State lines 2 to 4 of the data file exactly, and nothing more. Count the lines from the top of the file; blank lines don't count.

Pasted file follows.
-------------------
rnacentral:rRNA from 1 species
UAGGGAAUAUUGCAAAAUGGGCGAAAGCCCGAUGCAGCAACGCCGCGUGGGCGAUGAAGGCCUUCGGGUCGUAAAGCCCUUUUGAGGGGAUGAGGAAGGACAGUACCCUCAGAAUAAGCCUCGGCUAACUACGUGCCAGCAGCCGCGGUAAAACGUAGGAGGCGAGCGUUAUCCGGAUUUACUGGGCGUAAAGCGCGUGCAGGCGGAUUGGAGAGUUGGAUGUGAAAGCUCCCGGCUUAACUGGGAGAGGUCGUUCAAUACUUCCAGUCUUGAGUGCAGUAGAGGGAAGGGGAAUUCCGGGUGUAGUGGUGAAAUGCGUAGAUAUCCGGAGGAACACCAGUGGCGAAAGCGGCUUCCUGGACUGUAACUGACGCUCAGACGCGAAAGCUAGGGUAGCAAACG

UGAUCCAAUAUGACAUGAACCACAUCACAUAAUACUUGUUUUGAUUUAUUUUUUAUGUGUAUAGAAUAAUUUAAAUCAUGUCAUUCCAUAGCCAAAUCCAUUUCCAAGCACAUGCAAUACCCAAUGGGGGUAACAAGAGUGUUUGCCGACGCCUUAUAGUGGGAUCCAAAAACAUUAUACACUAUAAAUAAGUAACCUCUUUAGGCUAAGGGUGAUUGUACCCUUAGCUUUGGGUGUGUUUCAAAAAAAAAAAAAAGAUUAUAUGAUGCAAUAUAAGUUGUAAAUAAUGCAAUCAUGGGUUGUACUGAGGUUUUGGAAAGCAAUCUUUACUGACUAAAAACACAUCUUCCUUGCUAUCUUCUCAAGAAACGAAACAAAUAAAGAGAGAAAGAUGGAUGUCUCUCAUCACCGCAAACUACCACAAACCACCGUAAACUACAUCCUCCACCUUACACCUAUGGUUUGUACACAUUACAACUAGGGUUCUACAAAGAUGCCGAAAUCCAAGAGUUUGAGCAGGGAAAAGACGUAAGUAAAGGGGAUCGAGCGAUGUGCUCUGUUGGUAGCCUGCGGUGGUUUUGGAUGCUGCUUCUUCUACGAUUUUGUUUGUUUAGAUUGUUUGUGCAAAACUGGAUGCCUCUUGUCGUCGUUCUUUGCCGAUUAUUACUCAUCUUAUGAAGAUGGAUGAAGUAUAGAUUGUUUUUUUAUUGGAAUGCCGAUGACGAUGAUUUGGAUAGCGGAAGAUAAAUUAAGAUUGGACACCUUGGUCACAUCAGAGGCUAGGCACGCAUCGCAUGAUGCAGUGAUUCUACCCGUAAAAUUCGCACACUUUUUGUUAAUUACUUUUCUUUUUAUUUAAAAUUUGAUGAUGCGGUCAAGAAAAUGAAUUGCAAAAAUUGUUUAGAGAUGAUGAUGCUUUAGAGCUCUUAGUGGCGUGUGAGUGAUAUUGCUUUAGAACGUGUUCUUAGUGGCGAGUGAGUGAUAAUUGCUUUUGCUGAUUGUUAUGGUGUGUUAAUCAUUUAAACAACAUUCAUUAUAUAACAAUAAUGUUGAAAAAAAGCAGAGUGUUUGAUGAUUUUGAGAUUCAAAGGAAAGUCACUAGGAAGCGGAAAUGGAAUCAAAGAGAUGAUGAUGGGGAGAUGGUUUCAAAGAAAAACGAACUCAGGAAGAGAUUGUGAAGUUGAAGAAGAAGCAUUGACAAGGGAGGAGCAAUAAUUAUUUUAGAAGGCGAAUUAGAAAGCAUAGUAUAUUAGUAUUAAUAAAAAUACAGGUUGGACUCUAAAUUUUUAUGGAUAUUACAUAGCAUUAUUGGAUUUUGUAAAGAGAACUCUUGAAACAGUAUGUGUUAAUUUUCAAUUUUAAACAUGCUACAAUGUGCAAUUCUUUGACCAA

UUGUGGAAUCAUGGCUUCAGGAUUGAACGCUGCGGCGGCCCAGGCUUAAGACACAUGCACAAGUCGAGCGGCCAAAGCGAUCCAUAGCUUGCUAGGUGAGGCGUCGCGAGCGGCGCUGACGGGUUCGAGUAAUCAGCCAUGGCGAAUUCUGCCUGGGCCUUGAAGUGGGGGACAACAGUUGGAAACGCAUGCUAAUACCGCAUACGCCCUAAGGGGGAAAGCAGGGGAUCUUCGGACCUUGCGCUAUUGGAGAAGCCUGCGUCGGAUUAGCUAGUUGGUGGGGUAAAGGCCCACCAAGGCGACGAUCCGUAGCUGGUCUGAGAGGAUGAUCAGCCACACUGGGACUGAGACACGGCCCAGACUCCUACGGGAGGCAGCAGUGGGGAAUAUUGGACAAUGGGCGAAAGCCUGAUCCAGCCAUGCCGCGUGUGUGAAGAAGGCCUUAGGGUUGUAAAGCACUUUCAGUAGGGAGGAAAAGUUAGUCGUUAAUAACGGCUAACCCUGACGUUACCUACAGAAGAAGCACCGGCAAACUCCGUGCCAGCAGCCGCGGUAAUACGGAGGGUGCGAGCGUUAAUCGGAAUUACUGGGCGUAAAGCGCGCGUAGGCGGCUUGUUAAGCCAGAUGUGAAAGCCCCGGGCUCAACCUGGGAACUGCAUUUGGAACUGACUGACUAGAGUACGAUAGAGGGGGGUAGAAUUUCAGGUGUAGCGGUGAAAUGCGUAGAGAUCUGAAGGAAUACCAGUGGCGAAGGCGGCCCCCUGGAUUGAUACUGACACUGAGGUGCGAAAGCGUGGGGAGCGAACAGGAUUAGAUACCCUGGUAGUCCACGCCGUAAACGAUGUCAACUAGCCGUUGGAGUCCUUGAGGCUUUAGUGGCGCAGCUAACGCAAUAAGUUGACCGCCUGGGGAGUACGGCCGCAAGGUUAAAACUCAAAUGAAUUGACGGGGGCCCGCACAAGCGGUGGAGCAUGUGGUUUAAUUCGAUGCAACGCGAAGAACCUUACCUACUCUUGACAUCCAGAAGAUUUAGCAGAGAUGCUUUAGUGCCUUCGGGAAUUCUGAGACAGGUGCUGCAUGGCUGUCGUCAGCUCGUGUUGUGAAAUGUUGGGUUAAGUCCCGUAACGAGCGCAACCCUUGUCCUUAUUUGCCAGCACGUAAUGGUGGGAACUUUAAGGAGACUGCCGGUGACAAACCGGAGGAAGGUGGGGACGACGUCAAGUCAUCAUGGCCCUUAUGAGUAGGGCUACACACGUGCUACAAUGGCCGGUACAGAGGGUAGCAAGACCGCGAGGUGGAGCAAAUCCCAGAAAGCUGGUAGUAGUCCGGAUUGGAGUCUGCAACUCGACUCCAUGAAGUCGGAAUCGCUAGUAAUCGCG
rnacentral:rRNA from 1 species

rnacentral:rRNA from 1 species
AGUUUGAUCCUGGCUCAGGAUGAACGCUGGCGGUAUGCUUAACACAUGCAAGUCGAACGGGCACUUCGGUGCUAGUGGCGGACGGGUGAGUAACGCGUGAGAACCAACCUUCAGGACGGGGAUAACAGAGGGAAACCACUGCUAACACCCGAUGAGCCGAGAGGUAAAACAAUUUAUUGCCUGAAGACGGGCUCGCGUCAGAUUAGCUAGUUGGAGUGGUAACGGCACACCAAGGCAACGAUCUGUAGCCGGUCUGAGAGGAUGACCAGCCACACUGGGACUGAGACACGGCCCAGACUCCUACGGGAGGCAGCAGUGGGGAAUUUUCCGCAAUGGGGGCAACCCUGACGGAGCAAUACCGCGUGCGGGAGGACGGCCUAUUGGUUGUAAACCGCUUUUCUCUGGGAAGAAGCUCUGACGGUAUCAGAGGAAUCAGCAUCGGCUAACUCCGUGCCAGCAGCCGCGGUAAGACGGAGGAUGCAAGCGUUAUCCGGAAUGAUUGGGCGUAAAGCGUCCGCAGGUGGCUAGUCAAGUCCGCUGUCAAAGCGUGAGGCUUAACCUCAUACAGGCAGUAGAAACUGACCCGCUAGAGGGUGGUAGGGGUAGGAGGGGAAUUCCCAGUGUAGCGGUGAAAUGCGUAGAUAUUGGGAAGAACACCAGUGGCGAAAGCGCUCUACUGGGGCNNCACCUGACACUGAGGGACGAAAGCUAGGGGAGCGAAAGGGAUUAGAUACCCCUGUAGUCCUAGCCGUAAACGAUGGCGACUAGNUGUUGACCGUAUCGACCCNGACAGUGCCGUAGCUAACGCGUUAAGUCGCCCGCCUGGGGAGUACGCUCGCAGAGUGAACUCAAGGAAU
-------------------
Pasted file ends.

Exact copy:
UAGGGAAUAUUGCAAAAUGGGCGAAAGCCCGAUGCAGCAACGCCGCGUGGGCGAUGAAGGCCUUCGGGUCGUAAAGCCCUUUUGAGGGGAUGAGGAAGGACAGUACCCUCAGAAUAAGCCUCGGCUAACUACGUGCCAGCAGCCGCGGUAAAACGUAGGAGGCGAGCGUUAUCCGGAUUUACUGGGCGUAAAGCGCGUGCAGGCGGAUUGGAGAGUUGGAUGUGAAAGCUCCCGGCUUAACUGGGAGAGGUCGUUCAAUACUUCCAGUCUUGAGUGCAGUAGAGGGAAGGGGAAUUCCGGGUGUAGUGGUGAAAUGCGUAGAUAUCCGGAGGAACACCAGUGGCGAAAGCGGCUUCCUGGACUGUAACUGACGCUCAGACGCGAAAGCUAGGGUAGCAAACG

UGAUCCAAUAUGACAUGAACCACAUCACAUAAUACUUGUUUUGAUUUAUUUUUUAUGUGUAUAGAAUAAUUUAAAUCAUGUCAUUCCAUAGCCAAAUCCAUUUCCAAGCACAUGCAAUACCCAAUGGGGGUAACAAGAGUGUUUGCCGACGCCUUAUAGUGGGAUCCAAAAACAUUAUACACUAUAAAUAAGUAACCUCUUUAGGCUAAGGGUGAUUGUACCCUUAGCUUUGGGUGUGUUUCAAAAAAAAAAAAAAGAUUAUAUGAUGCAAUAUAAGUUGUAAAUAAUGCAAUCAUGGGUUGUACUGAGGUUUUGGAAAGCAAUCUUUACUGACUAAAAACACAUCUUCCUUGCUAUCUUCUCAAGAAACGAAACAAAUAAAGAGAGAAAGAUGGAUGUCUCUCAUCACCGCAAACUACCACAAACCACCGUAAACUACAUCCUCCACCUUACACCUAUGGUUUGUACACAUUACAACUAGGGUUCUACAAAGAUGCCGAAAUCCAAGAGUUUGAGCAGGGAAAAGACGUAAGUAAAGGGGAUCGAGCGAUGUGCUCUGUUGGUAGCCUGCGGUGGUUUUGGAUGCUGCUUCUUCUACGAUUUUGUUUGUUUAGAUUGUUUGUGCAAAACUGGAUGCCUCUUGUCGUCGUUCUUUGCCGAUUAUUACUCAUCUUAUGAAGAUGGAUGAAGUAUAGAUUGUUUUUUUAUUGGAAUGCCGAUGACGAUGAUUUGGAUAGCGGAAGAUAAAUUAAGAUUGGACACCUUGGUCACAUCAGAGGCUAGGCACGCAUCGCAUGAUGCAGUGAUUCUACCCGUAAAAUUCGCACACUUUUUGUUAAUUACUUUUCUUUUUAUUUAAAAUUUGAUGAUGCGGUCAAGAAAAUGAAUUGCAAAAAUUGUUUAGAGAUGAUGAUGCUUUAGAGCUCUUAGUGGCGUGUGAGUGAUAUUGCUUUAGAACGUGUUCUUAGUGGCGAGUGAGUGAUAAUUGCUUUUGCUGAUUGUUAUGGUGUGUUAAUCAUUUAAACAACAUUCAUUAUAUAACAAUAAUGUUGAAAAAAAGCAGAGUGUUUGAUGAUUUUGAGAUUCAAAGGAAAGUCACUAGGAAGCGGAAAUGGAAUCAAAGAGAUGAUGAUGGGGAGAUGGUUUCAAAGAAAAACGAACUCAGGAAGAGAUUGUGAAGUUGAAGAAGAAGCAUUGACAAGGGAGGAGCAAUAAUUAUUUUAGAAGGCGAAUUAGAAAGCAUAGUAUAUUAGUAUUAAUAAAAAUACAGGUUGGACUCUAAAUUUUUAUGGAUAUUACAUAGCAUUAUUGGAUUUUGUAAAGAGAACUCUUGAAACAGUAUGUGUUAAUUUUCAAUUUUAAACAUGCUACAAUGUGCAAUUCUUUGACCAA

UUGUGGAAUCAUGGCUUCAGGAUUGAACGCUGCGGCGGCCCAGGCUUAAGACACAUGCACAAGUCGAGCGGCCAAAGCGAUCCAUAGCUUGCUAGGUGAGGCGUCGCGAGCGGCGCUGACGGGUUCGAGUAAUCAGCCAUGGCGAAUUCUGCCUGGGCCUUGAAGUGGGGGACAACAGUUGGAAACGCAUGCUAAUACCGCAUACGCCCUAAGGGGGAAAGCAGGGGAUCUUCGGACCUUGCGCUAUUGGAGAAGCCUGCGUCGGAUUAGCUAGUUGGUGGGGUAAAGGCCCACCAAGGCGACGAUCCGUAGCUGGUCUGAGAGGAUGAUCAGCCACACUGGGACUGAGACACGGCCCAGACUCCUACGGGAGGCAGCAGUGGGGAAUAUUGGACAAUGGGCGAAAGCCUGAUCCAGCCAUGCCGCGUGUGUGAAGAAGGCCUUAGGGUUGUAAAGCACUUUCAGUAGGGAGGAAAAGUUAGUCGUUAAUAACGGCUAACCCUGACGUUACCUACAGAAGAAGCACCGGCAAACUCCGUGCCAGCAGCCGCGGUAAUACGGAGGGUGCGAGCGUUAAUCGGAAUUACUGGGCGUAAAGCGCGCGUAGGCGGCUUGUUAAGCCAGAUGUGAAAGCCCCGGGCUCAACCUGGGAACUGCAUUUGGAACUGACUGACUAGAGUACGAUAGAGGGGGGUAGAAUUUCAGGUGUAGCGGUGAAAUGCGUAGAGAUCUGAAGGAAUACCAGUGGCGAAGGCGGCCCCCUGGAUUGAUACUGACACUGAGGUGCGAAAGCGUGGGGAGCGAACAGGAUUAGAUACCCUGGUAGUCCACGCCGUAAACGAUGUCAACUAGCCGUUGGAGUCCUUGAGGCUUUAGUGGCGCAGCUAACGCAAUAAGUUGACCGCCUGGGGAGUACGGCCGCAAGGUUAAAACUCAAAUGAAUUGACGGGGGCCCGCACAAGCGGUGGAGCAUGUGGUUUAAUUCGAUGCAACGCGAAGAACCUUACCUACUCUUGACAUCCAGAAGAUUUAGCAGAGAUGCUUUAGUGCCUUCGGGAAUUCUGAGACAGGUGCUGCAUGGCUGUCGUCAGCUCGUGUUGUGAAAUGUUGGGUUAAGUCCCGUAACGAGCGCAACCCUUGUCCUUAUUUGCCAGCACGUAAUGGUGGGAACUUUAAGGAGACUGCCGGUGACAAACCGGAGGAAGGUGGGGACGACGUCAAGUCAUCAUGGCCCUUAUGAGUAGGGCUACACACGUGCUACAAUGGCCGGUACAGAGGGUAGCAAGACCGCGAGGUGGAGCAAAUCCCAGAAAGCUGGUAGUAGUCCGGAUUGGAGUCUGCAACUCGACUCCAUGAAGUCGGAAUCGCUAGUAAUCGCG